The National Academies: What You Need To Know About Infectious Disease

The National Academies

What You Need To Know About Infectious Disease

Dysentery

Dysentery is an inflammation of the colon characterized by frequent, watery stools, often tinged with blood and mucus. Dysentery is usually caused by one of two different organisms—a bacterium, Shigella, or an amoeba, Entamoeba histolytica. Bacillary dysentery is more common in the developed world, while amoebic dysentery more frequently occurs in tropical areas with poor sanitary conditions. Poor hygiene is the most common cause of dysentery but it can be spread by tainted food, contaminated water, and exposure to human feces (such as changing diapers).

Symptoms
Symptoms of bacillary dysentery, a milder form of the disease, usually appear between 1 and 3 days after an individual is infected. It typically begins with a stomachache, followed by diarrhea and fever. (Children less than two years old may develop severe infections and should be monitored carefully.)

Amoebic dysentery is more serious and presents with a wider range of symptoms that develop at least 2 to 4 weeks after exposure. Symptoms include fever, chills, nausea, and vomiting; watery diarrhea with mucus and blood; painful bowel movements; fatigue; and intermittent constipation. If untreated, the amoeba can break through the intestinal wall, spread into the bloodstream, and infect other organs, although this is very rare.

Treatment
Because vomiting and diarrhea can lead to dehydration, individuals with dysentery must drink plenty of fluids. If an analysis of a stool sample shows that bacteria are the cause, medication may not be prescribed unless symptoms are severe. In mild cases, symptoms typically dissipate on their own within a week. For amoebic dysentery, patients will likely be given a course of at least one antibiotic.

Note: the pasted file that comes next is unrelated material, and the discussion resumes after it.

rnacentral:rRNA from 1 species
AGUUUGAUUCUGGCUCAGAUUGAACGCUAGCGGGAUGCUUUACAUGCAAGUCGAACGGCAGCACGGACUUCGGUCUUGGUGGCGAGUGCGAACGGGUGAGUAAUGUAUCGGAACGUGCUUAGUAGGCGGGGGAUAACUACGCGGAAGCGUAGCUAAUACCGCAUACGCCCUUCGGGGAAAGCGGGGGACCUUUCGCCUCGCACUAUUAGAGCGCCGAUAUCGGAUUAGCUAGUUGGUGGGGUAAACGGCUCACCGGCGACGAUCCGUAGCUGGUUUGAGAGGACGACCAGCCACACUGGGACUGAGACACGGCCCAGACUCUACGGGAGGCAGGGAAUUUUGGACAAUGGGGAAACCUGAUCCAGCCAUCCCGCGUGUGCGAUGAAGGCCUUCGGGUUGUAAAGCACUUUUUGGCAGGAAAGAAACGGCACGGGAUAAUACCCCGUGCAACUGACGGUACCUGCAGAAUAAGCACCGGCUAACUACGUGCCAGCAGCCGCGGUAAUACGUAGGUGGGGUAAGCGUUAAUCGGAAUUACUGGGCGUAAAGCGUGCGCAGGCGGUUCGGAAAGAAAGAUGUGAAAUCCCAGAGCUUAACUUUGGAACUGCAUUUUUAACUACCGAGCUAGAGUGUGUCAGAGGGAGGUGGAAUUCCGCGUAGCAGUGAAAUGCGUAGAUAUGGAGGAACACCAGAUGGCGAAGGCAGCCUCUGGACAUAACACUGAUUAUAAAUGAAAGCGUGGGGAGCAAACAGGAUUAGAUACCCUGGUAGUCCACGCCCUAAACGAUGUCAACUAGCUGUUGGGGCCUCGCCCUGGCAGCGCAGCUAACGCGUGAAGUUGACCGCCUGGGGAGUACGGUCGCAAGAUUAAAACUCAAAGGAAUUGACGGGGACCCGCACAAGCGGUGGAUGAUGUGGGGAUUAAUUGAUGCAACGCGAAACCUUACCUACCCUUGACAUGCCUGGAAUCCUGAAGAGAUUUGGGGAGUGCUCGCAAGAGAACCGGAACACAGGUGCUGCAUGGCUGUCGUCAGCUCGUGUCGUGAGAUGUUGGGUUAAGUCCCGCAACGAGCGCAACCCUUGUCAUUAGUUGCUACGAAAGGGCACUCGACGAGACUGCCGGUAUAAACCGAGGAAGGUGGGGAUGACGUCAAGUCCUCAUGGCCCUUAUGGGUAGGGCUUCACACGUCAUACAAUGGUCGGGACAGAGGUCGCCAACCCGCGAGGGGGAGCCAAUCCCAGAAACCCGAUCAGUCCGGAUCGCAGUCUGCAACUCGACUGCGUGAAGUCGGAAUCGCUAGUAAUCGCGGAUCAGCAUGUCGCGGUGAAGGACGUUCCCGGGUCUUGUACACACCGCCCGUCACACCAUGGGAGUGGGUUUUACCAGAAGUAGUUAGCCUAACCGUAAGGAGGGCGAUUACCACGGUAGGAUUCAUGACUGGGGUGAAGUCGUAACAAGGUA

Prevention
Practicing good hygiene is the best defense against dysentery. Washing hands after using the bathroom and before preparing food is essential. If traveling to the tropics, where dysentery is common, drink bottled water, even when brushing your teeth, and avoid ice cubes, especially if you do not know what water was used to make them. Only eat food that has been cooked thoroughly.

Sources:
http://www.who.int/topics/dysentery/en/
http://www.cdc.gov/parasites/amebiasis/faqs.html
http://www.cdc.gov/nczved/divisions/dfbmd/diseases/shigellosis/#what
http://www.medicalnewstoday.com/articles/171193.php

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What do you know about infectious disease?

Which of the following diseases kills more children worldwide than any other infectious disease?

  • Correct!

    Lower respiratory tract infections (including pneumonia) kill more children worldwide than any other infectious disease. Together these diseases are the five leading causes of infectious disease worldwide, accounting for nearly one-fifth of all deaths.

  • Sorry, that’s incorrect.

    Lower respiratory tract infections (including pneumonia) kill more children worldwide than any other infectious disease. Together these diseases are the five leading causes of infectious disease worldwide, accounting for nearly one-fifth of all deaths.

  • Sorry, that’s incorrect.

    Lower respiratory tract infections (including pneumonia) kill more children worldwide than any other infectious disease. Together these diseases are the five leading causes of infectious disease worldwide, accounting for nearly one-fifth of all deaths.

  • Sorry, that’s incorrect.

    Lower respiratory tract infections (including pneumonia) kill more children worldwide than any other infectious disease. Together these diseases are the five leading causes of infectious disease worldwide, accounting for nearly one-fifth of all deaths.

  • Sorry, that’s incorrect.

    Lower respiratory tract infections (including pneumonia) kill more children worldwide than any other infectious disease. Together these diseases are the five leading causes of infectious disease worldwide, accounting for nearly one-fifth of all deaths.

Infectious Disease Defined

Fertilized Egg

Sometimes referred to as a zygote, this is the resulting initial cell formed when a sperm cell unites with an egg cell.

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